Having (and not having) Stuff

Had a great conversation with great friends last night.

We discussed two passages with two (apparently) conflicting messages. In the first, Paul is instructing Timothy regarding possessions. In the second, Jesus is discussing possessions with his disciples.
"But godliness actually is a means of great gain when accompanied by contentment. For we have brought nothing into the world, so we cannot take anything out of it either. If we have food and covering, with these we shall be content.

But those who want to get rich fall into temptation and a snare and many foolish and harmful desires which plunge men into ruin and destruction. For the love of money is a root of all sorts of evil, and some by longing for it have wandered away from the faith and pierced themselves with many griefs." - 1 Timothy 6:6-10
And then:
"And everyone who has left houses or brothers or sisters or father or mother or children or farms for My name's sake, will receive many times as much, and will inherit eternal life. But many who are first will be last; and the last, first." - Matthew 19:29-30
And let's assume the givens of the over-arching story of Judeo-Christianity (a literal, physical resurrection at the end of the age into a literal, physical kingdom with real physical bodies that eat food and can be touched but cannot get sick or die).

So is Paul basically saying that the material world is evil and that we should merely seek to scrape by in "this life" in order to have a blissful, disembodied "spiritual" existence in the next? If so, does he contradict Jesus' statement that those who've given up things now will receive many more things plus a body that won't get sick and die?

Are Jesus and Paul at odds here or is there a way to reconcile both statements?


lowell said...

“If you want to be perfect, go, sell your possessions and give to the poor, and you will have treasure in heaven. Then come, follow me” Matthew 19:21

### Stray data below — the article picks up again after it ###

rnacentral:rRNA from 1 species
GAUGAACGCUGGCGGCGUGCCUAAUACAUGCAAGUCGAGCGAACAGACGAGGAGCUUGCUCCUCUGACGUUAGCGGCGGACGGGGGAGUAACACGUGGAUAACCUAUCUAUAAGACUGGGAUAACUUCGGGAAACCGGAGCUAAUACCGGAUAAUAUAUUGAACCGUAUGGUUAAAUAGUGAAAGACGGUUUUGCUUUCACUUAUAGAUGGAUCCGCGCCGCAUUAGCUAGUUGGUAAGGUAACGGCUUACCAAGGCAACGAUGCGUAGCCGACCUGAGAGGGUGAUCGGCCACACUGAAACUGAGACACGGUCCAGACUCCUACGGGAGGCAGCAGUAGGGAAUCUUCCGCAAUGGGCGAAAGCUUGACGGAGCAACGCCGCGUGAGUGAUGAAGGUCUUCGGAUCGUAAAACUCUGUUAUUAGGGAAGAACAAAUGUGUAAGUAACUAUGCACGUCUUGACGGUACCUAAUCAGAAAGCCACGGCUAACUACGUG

“Again I tell you, it is easier for a camel to go through the eye of a needle than for a rich man to enter the kingdom of God.” Matthew 19:24

Here, just a few stanzas before Matthew 19:28 we have Jesus being pretty hard line about material things. I think these verses coralline with 1 Timothy 6: 6-10. Maybe Jesus is bringing it into perspective with mentioning the renewal of all things, and those with houses and such will inherit a hundred times more. Perhaps Paul and Jesus were warning against those who put financial gain at the top of their priorities. Look at 1 Timothy 6:5 “……..who have been robbed of the truth and who think that godliness is a means to financial gain.” before this Paul was speaking on the characteristics of those who preach false doctrines. Then Paul goes into saying that being contempt with basic shelter are in the green.

So the gist of what I’m getting between Jesus and Paul is seek first the Kingdom of God. Then,… whatever comes your way should be received like a gift. Whether that be a one bedroom apartment in Prague, LOL! Or a decent pad in Springfield. Both should be looked at as mansions in the eyes of the beholder. For its our privilege to receive such things and not our right.

Mike Aleckson said...

I agree, Lowell, that Jesus was actually saying that when the Kingdom comes in its fullness (the renewal of all things) - we can expect cool lodging and land, etc.